Earlier this week, I posted about my unfortunate first experience reading Wuthering Heights. I didn’t like it much on first read because I was expecting a love story, but I did find it interesting. It wasn’t until I read it a second time that I could enjoy it. That got me thinking about revisiting literary nemeses.
There are lots of books that have grown on me on repeated readings. I wrote earlier this year about Persuasion, as one example of a book that I thought was only pretty good on first read and grew to love later. But most of the books that fall into this category are ones that I liked at least a little the first time. Why, after all, would I go back and read something again if I didn’t like it?
Well, there are some books that I tried when I was too young for them. Jane Eyre went over my head when I tried reading it at age 12. I think I gave up before the halfway point. But I knew at the time that the problem wasn’t the story, but the language and the length. I picked it up again in high school and loved it.
Then there are that books that, as an English major, I was required to read more than once. Wuthering Heights is one example. Another is Heart of Darkness by Joseph Conrad. I read it as a senior in high school and did not like it at all. The long sentences, the plot in which not much seemed to happen, the lack of a single likable character. There was nothing about it that I appreciated or enjoyed. It was a slog, pure and simple. However, when I had to read it as a senior in college, I liked it much more, even though it’s still not a favorite. (I prefer Conrad’s The Secret Agent.)
There are other books that were simply the wrong place to start with a new-to-me author. The Nice Tailors was the first Dorothy Sayers book I tried to read, and I gave up quickly. All that technical talk about bell-ringing! Soooo not my thing. But then after reading most of Sayers’s other mysteries and falling in love with Lord Peter, I found that when Lord Peter is involved, technical talk about bell ringing is indeed my thing.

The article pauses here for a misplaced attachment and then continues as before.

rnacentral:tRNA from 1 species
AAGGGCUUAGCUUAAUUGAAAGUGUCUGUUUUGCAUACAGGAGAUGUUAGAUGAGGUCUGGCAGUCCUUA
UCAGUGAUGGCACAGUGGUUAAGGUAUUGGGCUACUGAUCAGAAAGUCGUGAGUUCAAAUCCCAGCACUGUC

So I wonder if there are other books I disliked when I read them but that I’d enjoy now. So many people whose taste is similar to mine love Mrs. Dalloway, but in college I found it tedious and pointless. Now that I’m older, would I see the point of it? Alias Grace is a favorite for many Margaret Atwood lovers, but the last half bored and frustrated me. I hadn’t read much Atwood when I read Alias Grace. Would I like it more now that I’m more used to her writing? It’s hard to say, and I’m not making it a priority to revisit either of these books when there are so many great books out there that I’ve never attempted to read at all, but I do wonder.
How about you? Have you ever gone back to a book you didn’t like and find that you liked it? Do you have any literary nemeses that you’re considering revisiting someday?
Notes from a Reading Life (October 24-November 8)
- Armadale by Wilkie Collins (review to come November 13)
- Wuthering Heights by Emily Brontë (audio, reread)
- Invention of Everything Else by Samantha Hunt
- How to Buy a Love of Reading by Tanya Egan Gibson.
- Guernsey Literary and Potato Peel Pie Society by Mary Ann Shaffer and Annie Barrows (audio).
- Northanger Abbey by Jane Austen (reread).
- The Ode Less Traveled by Stephen Fry. Lessons in writing poetry. I’ve reached the chapter on ballads.
- The Regency by Cynthia Harrod-Eagles.
- The Boy in the Striped Pajamas by John Boyne.
- Out of a Clear Sky by Sally Hinchcliffe. Via Bookmooch.
- Sea of Poppies by Amitov Ghosh. Via LT Early Reviewers.
- North and South by Elizabeth Gaskell. For Classics Circuit Gaskell tour in December.
- The Souls of Black Folk by W.E.B. Dubois. For Classic Circuit Harlem Renaissance tour in February.
Books to Remember
- Pilo Family Circus by Will Elliott. Reviewed at Save Ophelia.
- Stoner by John Williams. Reviewed at Asylum.
- Let the Right One In by John Ajvide Lindqvist. Reviewed at Gaskella.
- Come Closer by Sara Gran. Reviewed at Things Mean a Lot.
- The Tortoise and the Hare by Elizabeth Jenkins. Reviewed at A Work in Progress.